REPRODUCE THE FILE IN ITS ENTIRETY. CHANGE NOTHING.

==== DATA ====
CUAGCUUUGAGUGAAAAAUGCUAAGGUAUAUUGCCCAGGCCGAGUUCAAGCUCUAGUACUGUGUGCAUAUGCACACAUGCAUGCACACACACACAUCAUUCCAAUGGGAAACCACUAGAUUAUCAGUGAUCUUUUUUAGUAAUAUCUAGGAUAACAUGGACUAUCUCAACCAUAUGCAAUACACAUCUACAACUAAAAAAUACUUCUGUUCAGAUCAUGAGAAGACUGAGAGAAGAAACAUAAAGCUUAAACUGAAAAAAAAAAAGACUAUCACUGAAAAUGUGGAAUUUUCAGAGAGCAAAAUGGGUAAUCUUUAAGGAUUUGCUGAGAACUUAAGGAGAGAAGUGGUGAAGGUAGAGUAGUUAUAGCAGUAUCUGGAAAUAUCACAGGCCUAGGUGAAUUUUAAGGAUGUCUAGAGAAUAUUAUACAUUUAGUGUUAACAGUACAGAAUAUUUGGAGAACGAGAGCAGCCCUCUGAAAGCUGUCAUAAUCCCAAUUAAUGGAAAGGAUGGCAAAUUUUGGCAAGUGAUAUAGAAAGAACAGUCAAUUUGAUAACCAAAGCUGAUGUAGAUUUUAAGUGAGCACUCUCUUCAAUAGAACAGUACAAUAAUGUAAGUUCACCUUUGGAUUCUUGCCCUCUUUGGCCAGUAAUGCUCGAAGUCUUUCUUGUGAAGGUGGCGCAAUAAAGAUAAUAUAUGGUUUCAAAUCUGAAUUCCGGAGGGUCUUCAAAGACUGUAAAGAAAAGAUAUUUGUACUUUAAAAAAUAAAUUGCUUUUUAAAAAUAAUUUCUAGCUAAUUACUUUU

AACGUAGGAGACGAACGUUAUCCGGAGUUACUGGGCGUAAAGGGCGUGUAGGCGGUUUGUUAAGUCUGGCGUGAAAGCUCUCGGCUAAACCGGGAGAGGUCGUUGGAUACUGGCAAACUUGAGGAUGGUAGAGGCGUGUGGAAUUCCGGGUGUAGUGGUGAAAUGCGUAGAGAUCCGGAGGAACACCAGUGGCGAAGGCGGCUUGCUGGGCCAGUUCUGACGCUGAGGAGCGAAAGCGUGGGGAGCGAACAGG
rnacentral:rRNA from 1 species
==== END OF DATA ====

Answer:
CUAGCUUUGAGUGAAAAAUGCUAAGGUAUAUUGCCCAGGCCGAGUUCAAGCUCUAGUACUGUGUGCAUAUGCACACAUGCAUGCACACACACACAUCAUUCCAAUGGGAAACCACUAGAUUAUCAGUGAUCUUUUUUAGUAAUAUCUAGGAUAACAUGGACUAUCUCAACCAUAUGCAAUACACAUCUACAACUAAAAAAUACUUCUGUUCAGAUCAUGAGAAGACUGAGAGAAGAAACAUAAAGCUUAAACUGAAAAAAAAAAAGACUAUCACUGAAAAUGUGGAAUUUUCAGAGAGCAAAAUGGGUAAUCUUUAAGGAUUUGCUGAGAACUUAAGGAGAGAAGUGGUGAAGGUAGAGUAGUUAUAGCAGUAUCUGGAAAUAUCACAGGCCUAGGUGAAUUUUAAGGAUGUCUAGAGAAUAUUAUACAUUUAGUGUUAACAGUACAGAAUAUUUGGAGAACGAGAGCAGCCCUCUGAAAGCUGUCAUAAUCCCAAUUAAUGGAAAGGAUGGCAAAUUUUGGCAAGUGAUAUAGAAAGAACAGUCAAUUUGAUAACCAAAGCUGAUGUAGAUUUUAAGUGAGCACUCUCUUCAAUAGAACAGUACAAUAAUGUAAGUUCACCUUUGGAUUCUUGCCCUCUUUGGCCAGUAAUGCUCGAAGUCUUUCUUGUGAAGGUGGCGCAAUAAAGAUAAUAUAUGGUUUCAAAUCUGAAUUCCGGAGGGUCUUCAAAGACUGUAAAGAAAAGAUAUUUGUACUUUAAAAAAUAAAUUGCUUUUUAAAAAUAAUUUCUAGCUAAUUACUUUU

AACGUAGGAGACGAACGUUAUCCGGAGUUACUGGGCGUAAAGGGCGUGUAGGCGGUUUGUUAAGUCUGGCGUGAAAGCUCUCGGCUAAACCGGGAGAGGUCGUUGGAUACUGGCAAACUUGAGGAUGGUAGAGGCGUGUGGAAUUCCGGGUGUAGUGGUGAAAUGCGUAGAGAUCCGGAGGAACACCAGUGGCGAAGGCGGCUUGCUGGGCCAGUUCUGACGCUGAGGAGCGAAAGCGUGGGGAGCGAACAGG
rnacentral:rRNA from 1 species